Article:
LPGA Takeaway: Jessica Korda on Rebounding After a Tough Season

LPGA Takeaway: Jessica Korda on Rebounding After a Tough Season

Jessica Korda plays a shot during the final round of 2015 Fubon LPGA Taiwan Championship on October 25, 2015 in Miramar Resort & Country Club Taipei, Taiwan.
Thananuwat Srirasant

Jessica Korda has been a force on the LPGA Tour since playing the U.S. Women’s Open at 15. She joined the tour in 2011 and scored her first professional win at the 2012 Women’s Australian Open, beating out five other women in a playoff. Korda has collected three more LPGA Tour wins since then, most recently the Sime Darby LPGA Malaysia. After a rocky 2015 following a coaching change and a swing change, the 22-year-oldKorda is ready to start fresh in 2016.

How would you rate your 2015 performance?

I would say that last season was a struggle, a little bit of a learning curve. A lot of stuff going on off the course. Obviously winning in Malaysia was a highlight and definitely saved the season in my eyes, and from then I think the results were a lot better. But I definitely didn’t play up to what I think I should’ve been playing.

What was your biggest challenge last year?

I was going through some swing changes at the beginning of the season and they didn’t agree with the way that I’ve worked, so I had to step back and kind of figure out what it is that I am, and where my swing needs to be and where I need to be mentally. I had a coach change as well, and just applying those things actually did end up helping me at the end of the season. It started to settle in a little bit more.

Were you discouraged?

It was very hard. I had a great season the season before, and I had really high expectations going into the year. Not only myself, but I think the media did as well, my friends and my family. Having the season I did, it was hard. You know, you’ve seen a lot of people disappear from the game having seasons like that. So I think I was very aware of everything and I have a great support system that never gave up on me, even when I was slowly starting to. They always believed in me and I think that’s what helped me turn it around.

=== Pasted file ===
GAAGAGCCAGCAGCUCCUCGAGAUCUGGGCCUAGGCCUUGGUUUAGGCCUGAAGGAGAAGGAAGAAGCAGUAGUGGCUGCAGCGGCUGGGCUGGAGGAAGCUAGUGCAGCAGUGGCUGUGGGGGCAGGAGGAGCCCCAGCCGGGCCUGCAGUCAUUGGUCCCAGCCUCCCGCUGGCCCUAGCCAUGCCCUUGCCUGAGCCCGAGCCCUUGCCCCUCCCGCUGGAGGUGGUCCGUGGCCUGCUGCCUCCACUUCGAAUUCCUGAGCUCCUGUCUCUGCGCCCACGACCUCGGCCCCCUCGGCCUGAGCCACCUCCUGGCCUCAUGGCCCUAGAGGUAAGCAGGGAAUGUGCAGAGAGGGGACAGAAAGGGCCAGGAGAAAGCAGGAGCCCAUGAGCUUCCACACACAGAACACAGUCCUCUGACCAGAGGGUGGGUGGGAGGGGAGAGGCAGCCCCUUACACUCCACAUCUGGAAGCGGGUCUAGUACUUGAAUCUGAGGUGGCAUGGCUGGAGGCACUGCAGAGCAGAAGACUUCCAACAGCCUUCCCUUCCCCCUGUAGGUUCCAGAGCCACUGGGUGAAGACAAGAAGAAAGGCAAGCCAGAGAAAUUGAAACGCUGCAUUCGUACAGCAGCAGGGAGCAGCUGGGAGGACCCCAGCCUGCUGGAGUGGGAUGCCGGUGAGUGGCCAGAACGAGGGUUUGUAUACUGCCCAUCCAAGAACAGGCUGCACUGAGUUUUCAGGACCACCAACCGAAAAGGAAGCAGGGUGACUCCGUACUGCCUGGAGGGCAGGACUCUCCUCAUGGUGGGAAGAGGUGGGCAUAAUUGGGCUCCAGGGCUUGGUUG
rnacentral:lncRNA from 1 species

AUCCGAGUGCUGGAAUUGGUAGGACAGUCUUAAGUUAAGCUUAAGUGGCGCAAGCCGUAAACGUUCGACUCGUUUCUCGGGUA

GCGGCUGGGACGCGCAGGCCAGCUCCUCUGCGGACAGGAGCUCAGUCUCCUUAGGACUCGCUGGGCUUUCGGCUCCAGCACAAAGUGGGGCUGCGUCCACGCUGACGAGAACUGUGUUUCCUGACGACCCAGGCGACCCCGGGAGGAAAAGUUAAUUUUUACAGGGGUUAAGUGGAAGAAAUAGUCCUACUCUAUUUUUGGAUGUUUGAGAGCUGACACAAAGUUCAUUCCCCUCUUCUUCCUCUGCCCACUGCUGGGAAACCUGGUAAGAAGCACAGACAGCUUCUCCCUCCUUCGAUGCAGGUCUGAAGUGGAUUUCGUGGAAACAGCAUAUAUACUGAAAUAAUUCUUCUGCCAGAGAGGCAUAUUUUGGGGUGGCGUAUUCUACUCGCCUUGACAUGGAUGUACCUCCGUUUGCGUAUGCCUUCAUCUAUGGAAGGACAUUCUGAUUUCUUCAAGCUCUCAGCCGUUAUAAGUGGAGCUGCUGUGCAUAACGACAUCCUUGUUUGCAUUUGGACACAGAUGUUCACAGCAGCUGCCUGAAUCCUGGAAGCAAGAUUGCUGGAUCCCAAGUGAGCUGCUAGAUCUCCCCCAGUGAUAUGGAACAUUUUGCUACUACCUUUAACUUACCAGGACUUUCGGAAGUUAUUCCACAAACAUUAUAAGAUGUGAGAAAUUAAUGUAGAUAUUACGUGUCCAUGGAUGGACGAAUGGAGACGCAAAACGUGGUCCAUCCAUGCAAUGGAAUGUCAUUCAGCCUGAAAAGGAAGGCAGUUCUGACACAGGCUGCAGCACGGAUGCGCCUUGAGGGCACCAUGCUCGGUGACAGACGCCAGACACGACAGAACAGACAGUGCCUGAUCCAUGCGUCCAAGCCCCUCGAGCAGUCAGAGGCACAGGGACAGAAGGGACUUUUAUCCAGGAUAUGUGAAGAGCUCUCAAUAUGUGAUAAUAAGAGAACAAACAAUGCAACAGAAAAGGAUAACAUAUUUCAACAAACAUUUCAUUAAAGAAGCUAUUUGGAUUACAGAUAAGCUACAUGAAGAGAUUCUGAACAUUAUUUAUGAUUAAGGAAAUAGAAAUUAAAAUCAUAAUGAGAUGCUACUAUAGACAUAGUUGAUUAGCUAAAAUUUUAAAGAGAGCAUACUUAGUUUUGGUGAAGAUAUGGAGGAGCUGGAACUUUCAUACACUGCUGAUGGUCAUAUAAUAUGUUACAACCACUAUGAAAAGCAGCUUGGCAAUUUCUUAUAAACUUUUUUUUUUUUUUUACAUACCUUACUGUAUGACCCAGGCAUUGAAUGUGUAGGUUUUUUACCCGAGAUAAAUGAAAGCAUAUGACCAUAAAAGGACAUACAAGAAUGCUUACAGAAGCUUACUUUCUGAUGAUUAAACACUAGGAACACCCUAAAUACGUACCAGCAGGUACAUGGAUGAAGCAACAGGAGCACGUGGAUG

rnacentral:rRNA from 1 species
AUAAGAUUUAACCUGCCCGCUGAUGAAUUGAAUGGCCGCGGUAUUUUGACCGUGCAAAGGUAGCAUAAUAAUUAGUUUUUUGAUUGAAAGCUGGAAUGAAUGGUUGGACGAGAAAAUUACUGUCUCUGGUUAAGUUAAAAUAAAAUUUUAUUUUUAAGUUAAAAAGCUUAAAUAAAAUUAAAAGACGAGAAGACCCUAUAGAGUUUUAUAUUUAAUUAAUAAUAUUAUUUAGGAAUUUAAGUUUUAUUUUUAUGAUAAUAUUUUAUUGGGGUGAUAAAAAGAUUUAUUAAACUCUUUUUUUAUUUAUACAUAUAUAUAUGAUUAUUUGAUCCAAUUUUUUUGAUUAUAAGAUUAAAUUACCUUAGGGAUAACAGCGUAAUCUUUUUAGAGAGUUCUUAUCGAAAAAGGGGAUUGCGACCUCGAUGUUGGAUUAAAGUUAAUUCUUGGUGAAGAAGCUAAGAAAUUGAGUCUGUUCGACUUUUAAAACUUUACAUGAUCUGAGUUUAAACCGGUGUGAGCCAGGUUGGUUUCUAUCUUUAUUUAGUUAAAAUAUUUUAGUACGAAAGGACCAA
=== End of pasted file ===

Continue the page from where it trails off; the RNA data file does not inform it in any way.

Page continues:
So what are you looking forward to in 2016?

I love going to the places that we get to travel to. I have a great group of friends out here, we get on really well and we just have a ton of fun. There’s a lot more of my generation of girls coming out on Tour, so it’s fun to see all my friends out. And you know, just play some great golf. My goals are really high this year, and I’m just looking to reach them. Some of my goals would definitely be the Olympics, contending in majors … that’s something that I was not very good at last year [Laughs]. I think I missed every single cut in the majors last year and that was very tough for me.

What do you think the Olympics will do for the game of golf?

I mean, watching the Olympics just brings a whole other dimension. More people watching [golf], some people that wouldn’t usually sit down and watch golf. I think it’s going to be really great. I don’t think I’ve ever missed and Olympics, watching on TV. My mom played in the Olympics and it would just be really cool to be there. But I think the exposure that the men and the women are going to get is just going to be really, really great.

How are you going to prepare for a shot at representing the U.S. in Rio?